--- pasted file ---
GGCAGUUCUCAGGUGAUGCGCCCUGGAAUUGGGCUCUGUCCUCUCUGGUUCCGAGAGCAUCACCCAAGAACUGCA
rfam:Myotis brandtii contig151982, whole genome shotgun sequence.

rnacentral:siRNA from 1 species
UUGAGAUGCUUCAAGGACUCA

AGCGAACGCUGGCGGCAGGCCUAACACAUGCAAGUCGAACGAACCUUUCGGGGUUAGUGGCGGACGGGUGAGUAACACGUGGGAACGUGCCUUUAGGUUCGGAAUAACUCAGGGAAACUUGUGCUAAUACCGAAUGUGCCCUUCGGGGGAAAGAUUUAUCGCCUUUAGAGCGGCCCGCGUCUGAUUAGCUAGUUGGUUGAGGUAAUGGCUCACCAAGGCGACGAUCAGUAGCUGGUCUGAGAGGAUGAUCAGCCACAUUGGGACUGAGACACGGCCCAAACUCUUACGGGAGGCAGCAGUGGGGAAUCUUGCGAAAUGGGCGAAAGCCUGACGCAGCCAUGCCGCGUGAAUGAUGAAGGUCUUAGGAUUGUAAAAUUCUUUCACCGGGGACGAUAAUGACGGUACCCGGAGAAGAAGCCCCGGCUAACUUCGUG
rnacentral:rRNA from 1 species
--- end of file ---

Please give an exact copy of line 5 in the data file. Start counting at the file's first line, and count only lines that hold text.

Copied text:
AGCGAACGCUGGCGGCAGGCCUAACACAUGCAAGUCGAACGAACCUUUCGGGGUUAGUGGCGGACGGGUGAGUAACACGUGGGAACGUGCCUUUAGGUUCGGAAUAACUCAGGGAAACUUGUGCUAAUACCGAAUGUGCCCUUCGGGGGAAAGAUUUAUCGCCUUUAGAGCGGCCCGCGUCUGAUUAGCUAGUUGGUUGAGGUAAUGGCUCACCAAGGCGACGAUCAGUAGCUGGUCUGAGAGGAUGAUCAGCCACAUUGGGACUGAGACACGGCCCAAACUCUUACGGGAGGCAGCAGUGGGGAAUCUUGCGAAAUGGGCGAAAGCCUGACGCAGCCAUGCCGCGUGAAUGAUGAAGGUCUUAGGAUUGUAAAAUUCUUUCACCGGGGACGAUAAUGACGGUACCCGGAGAAGAAGCCCCGGCUAACUUCGUG